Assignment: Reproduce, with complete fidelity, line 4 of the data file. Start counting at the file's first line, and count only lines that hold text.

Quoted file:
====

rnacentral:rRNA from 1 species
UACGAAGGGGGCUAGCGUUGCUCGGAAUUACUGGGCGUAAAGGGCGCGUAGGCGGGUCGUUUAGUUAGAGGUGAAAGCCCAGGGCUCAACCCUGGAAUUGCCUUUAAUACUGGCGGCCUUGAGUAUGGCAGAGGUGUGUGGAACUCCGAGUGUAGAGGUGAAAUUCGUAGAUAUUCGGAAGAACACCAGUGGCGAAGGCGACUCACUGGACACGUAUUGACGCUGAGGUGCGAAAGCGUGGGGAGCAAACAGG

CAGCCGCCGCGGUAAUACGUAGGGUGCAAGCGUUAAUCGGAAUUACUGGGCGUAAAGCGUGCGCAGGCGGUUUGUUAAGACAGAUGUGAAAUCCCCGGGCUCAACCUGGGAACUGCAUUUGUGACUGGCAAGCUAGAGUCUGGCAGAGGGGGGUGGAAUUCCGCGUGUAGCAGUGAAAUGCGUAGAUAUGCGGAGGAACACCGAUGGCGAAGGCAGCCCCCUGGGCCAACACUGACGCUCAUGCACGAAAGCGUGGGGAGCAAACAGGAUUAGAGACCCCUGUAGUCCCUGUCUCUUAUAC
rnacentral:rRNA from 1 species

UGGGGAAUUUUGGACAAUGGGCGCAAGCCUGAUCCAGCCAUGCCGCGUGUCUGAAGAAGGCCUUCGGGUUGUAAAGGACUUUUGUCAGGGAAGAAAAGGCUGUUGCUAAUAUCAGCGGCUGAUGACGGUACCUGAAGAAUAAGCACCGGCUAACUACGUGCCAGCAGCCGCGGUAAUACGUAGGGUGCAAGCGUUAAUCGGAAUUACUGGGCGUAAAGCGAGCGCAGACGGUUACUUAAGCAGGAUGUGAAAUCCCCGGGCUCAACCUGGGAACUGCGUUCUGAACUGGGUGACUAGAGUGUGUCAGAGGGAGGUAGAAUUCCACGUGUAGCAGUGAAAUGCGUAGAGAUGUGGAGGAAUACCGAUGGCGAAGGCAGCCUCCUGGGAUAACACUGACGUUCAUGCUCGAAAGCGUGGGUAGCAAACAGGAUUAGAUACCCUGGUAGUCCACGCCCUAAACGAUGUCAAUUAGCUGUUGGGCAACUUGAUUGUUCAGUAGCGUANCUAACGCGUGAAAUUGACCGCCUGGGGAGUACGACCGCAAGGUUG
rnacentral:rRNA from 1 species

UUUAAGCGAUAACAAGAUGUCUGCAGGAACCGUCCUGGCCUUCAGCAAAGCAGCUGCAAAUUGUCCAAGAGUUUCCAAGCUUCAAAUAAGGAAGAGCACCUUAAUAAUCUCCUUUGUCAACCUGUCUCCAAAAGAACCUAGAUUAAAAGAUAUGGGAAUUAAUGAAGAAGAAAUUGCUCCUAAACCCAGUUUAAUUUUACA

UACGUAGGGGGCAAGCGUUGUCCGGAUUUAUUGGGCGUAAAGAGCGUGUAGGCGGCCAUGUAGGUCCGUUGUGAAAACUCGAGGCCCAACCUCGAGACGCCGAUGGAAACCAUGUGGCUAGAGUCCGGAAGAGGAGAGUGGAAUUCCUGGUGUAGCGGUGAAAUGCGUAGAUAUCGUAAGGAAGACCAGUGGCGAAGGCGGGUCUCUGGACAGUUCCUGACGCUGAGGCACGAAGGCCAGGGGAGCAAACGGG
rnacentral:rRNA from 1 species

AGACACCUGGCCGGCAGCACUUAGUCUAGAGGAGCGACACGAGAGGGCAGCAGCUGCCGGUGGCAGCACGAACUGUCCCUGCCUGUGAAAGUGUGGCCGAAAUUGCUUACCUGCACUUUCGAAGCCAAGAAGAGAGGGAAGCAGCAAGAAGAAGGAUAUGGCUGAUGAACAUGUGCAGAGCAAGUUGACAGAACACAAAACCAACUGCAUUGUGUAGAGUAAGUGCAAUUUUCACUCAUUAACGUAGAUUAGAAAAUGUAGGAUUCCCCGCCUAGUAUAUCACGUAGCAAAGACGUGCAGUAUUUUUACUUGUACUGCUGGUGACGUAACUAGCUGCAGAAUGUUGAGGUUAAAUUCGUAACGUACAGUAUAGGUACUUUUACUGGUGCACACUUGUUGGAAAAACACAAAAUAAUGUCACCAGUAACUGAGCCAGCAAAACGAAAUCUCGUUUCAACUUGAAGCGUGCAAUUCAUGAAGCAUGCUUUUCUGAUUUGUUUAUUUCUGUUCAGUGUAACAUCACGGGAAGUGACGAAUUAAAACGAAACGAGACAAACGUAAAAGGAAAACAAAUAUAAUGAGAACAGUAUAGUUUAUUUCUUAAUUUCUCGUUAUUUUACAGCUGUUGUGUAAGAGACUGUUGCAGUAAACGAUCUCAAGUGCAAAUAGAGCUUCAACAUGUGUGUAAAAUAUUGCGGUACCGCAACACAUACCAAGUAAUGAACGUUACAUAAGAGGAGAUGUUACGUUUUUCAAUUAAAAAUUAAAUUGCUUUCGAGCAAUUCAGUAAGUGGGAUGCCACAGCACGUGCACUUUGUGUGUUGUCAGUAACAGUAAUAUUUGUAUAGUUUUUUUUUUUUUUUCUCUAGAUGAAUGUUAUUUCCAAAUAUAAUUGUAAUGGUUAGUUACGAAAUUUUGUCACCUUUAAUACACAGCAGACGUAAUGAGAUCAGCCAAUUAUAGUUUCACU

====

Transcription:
rnacentral:rRNA from 1 species